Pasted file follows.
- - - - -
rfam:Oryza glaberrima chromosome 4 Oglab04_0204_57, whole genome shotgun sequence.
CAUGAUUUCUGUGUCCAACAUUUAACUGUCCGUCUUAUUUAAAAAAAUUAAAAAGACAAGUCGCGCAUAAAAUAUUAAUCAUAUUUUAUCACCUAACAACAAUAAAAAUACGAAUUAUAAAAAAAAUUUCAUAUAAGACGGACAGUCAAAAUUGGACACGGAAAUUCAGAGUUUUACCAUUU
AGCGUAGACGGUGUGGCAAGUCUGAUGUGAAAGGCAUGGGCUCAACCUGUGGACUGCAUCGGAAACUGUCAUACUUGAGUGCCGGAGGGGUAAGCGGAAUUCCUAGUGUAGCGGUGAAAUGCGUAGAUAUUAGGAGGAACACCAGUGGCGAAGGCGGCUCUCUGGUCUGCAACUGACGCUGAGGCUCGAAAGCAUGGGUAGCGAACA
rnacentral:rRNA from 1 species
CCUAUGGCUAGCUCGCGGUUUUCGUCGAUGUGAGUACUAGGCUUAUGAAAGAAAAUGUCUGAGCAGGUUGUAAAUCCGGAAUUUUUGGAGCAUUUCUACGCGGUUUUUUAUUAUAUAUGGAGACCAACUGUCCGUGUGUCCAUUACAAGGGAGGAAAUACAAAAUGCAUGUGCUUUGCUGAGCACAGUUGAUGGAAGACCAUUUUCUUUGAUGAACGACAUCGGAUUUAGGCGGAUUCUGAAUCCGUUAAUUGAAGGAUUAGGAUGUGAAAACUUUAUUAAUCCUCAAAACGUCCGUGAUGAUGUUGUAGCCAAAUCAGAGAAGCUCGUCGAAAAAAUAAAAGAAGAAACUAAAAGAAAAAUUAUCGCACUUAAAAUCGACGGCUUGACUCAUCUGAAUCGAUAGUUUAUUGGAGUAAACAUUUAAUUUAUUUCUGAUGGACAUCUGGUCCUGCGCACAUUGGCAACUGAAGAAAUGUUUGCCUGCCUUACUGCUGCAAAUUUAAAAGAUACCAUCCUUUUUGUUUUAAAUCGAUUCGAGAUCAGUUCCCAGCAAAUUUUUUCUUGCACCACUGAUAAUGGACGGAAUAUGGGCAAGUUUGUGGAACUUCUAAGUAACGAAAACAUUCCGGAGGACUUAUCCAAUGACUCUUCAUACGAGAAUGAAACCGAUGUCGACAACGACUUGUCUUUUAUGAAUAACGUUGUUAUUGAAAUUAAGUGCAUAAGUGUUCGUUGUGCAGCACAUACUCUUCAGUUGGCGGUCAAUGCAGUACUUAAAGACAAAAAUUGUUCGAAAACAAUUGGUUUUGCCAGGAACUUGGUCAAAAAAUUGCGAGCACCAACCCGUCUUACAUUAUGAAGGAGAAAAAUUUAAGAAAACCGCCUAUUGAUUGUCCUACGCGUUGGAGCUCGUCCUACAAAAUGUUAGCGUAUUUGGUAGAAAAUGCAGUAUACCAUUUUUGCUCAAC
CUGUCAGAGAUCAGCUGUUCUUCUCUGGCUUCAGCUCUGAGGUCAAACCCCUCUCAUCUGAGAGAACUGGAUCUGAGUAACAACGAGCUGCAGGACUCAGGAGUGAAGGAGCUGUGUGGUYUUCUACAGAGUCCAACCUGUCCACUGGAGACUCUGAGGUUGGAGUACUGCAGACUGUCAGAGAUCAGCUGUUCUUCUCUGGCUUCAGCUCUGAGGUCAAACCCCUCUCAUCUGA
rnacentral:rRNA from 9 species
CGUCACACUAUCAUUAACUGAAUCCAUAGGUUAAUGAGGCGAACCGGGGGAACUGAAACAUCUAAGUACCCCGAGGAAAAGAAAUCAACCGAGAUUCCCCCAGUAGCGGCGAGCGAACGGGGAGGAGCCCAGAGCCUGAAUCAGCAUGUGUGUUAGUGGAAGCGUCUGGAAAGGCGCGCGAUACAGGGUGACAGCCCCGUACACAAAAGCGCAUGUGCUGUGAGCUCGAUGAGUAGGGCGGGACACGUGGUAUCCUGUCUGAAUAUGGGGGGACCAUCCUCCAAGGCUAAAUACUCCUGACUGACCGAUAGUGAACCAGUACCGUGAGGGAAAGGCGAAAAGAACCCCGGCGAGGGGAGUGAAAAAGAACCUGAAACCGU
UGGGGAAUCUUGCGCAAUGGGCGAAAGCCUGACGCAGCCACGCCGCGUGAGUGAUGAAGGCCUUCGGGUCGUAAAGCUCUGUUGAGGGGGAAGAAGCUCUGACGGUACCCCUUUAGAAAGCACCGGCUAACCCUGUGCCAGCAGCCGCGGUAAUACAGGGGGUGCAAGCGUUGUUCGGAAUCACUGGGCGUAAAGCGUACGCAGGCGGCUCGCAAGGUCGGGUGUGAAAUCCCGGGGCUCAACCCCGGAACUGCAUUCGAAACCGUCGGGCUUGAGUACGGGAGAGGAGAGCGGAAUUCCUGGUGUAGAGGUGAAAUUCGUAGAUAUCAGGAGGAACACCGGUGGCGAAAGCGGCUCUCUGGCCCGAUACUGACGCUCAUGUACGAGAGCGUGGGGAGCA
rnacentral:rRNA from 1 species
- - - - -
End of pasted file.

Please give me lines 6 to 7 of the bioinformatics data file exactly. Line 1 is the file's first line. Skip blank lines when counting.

CUGUCAGAGAUCAGCUGUUCUUCUCUGGCUUCAGCUCUGAGGUCAAACCCCUCUCAUCUGAGAGAACUGGAUCUGAGUAACAACGAGCUGCAGGACUCAGGAGUGAAGGAGCUGUGUGGUYUUCUACAGAGUCCAACCUGUCCACUGGAGACUCUGAGGUUGGAGUACUGCAGACUGUCAGAGAUCAGCUGUUCUUCUCUGGCUUCAGCUCUGAGGUCAAACCCCUCUCAUCUGA
rnacentral:rRNA from 9 species